Therefore, for Byzantine and High-Church Western Christians then and today still, any given day has two aspects.  Easterners characterize these as the Menaion and the Paschalion, ie, the Fixed and the Moveable – the commemoration of the numerical calendar date, and that of the relation to Pascha.  (This is why some of us consider it imprecise to call the Old Calendar as used in most of the Orthodox Church “the Julian Calendar.”  Caesar didn’t know about the Resurrection of Christ, because JC – the earlier one who only thought he was god – died too soon!  OC Orthodox’ Menaion is Julian, but the Paschalion is Hebrew.)  Westerners traditionally thought of them a little differently, the Liturgical Season (Advent, Christmas, Lent, Easter, Pentecost) or “Temporal Cycle,” and the saint’s feast of the numerical calendar date otherwise, the “Sanctoral Cycle.”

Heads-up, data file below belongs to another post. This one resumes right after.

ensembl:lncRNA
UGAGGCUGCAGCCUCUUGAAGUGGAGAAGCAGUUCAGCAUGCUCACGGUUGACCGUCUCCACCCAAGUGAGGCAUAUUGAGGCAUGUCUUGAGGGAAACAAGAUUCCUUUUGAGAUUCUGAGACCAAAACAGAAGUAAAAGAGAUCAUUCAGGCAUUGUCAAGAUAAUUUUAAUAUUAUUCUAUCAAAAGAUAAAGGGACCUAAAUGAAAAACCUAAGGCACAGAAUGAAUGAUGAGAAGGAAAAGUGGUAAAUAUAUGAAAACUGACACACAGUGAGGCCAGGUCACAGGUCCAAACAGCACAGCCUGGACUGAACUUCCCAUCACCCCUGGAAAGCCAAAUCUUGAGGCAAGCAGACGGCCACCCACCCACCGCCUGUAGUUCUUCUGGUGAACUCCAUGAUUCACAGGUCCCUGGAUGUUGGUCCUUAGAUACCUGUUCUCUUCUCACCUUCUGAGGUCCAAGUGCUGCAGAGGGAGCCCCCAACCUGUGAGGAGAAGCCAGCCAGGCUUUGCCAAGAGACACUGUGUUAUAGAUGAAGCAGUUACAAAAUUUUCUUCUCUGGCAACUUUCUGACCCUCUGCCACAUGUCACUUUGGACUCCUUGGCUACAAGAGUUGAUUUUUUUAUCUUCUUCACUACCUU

Why is all this important?  Because as I said, the sequence of services – not just Eucharistic Liturgy, but also the Hours and some other Church services – repeated every 532 years.  Each day’s services were also complicated by multiple commemorations on many days of the year, and because of the Menaion and Paschalion (to use the Eastern terms) seeming to jump with regard to each other yearly, a priest needed help putting together any given day’s services.  He didn’t invent them himself eventually, but had the accumulated Holy Tradition in this regard to guide him.  As Fr. Alexander said in the linked article, for Orthodox the key to this (big-T) Tradition is called the Typikon (or Typicon), a big book that describes all the possible combinations of feasts and fasts for the 532-year cycle.  ISTM the Church of Rome had something similar whose most common name seems to have been the Ordinarius, the basis of the Ordo, although as this (old) Catholic Encyclopedia article emphasizes, it varied a bit with the addition of local, regional, or national feasts, or those pertaining to a particular religous or monastic order, and their interaction with the universal (Latin) feasts; this is also true in Orthodoxy, without vitiating the reliance on the Typicon as a whole.  Examples of Orthodox versions of the annual extracts from the Ordinarius that were eventually printed by dioceses, provinces, nations, and orders of the Church of Rome (as the CE discusses) include these from the (Old Calendar) Diocese of Alaska of the Orthodox Church in America (OCA), and the “2008 Tipic” currently available on the homepage of the OCA’s (New Calendar) Romanian diocese.  (I don’t know if all the OCA’s dioceses do their own Orders of Divine Services; the Romanian diocese’s commemorations might vary from those of the rest of the OCA due to their Romanian traditions, most of the rest of the OCA being of Russian or Carpatho-Russian heritage.  And Alaska is their only remaining OC diocese, so its Menaion would differ from most of the rest of that jurisdiction [though they also have a few dozen OC parishes in other dioceses].)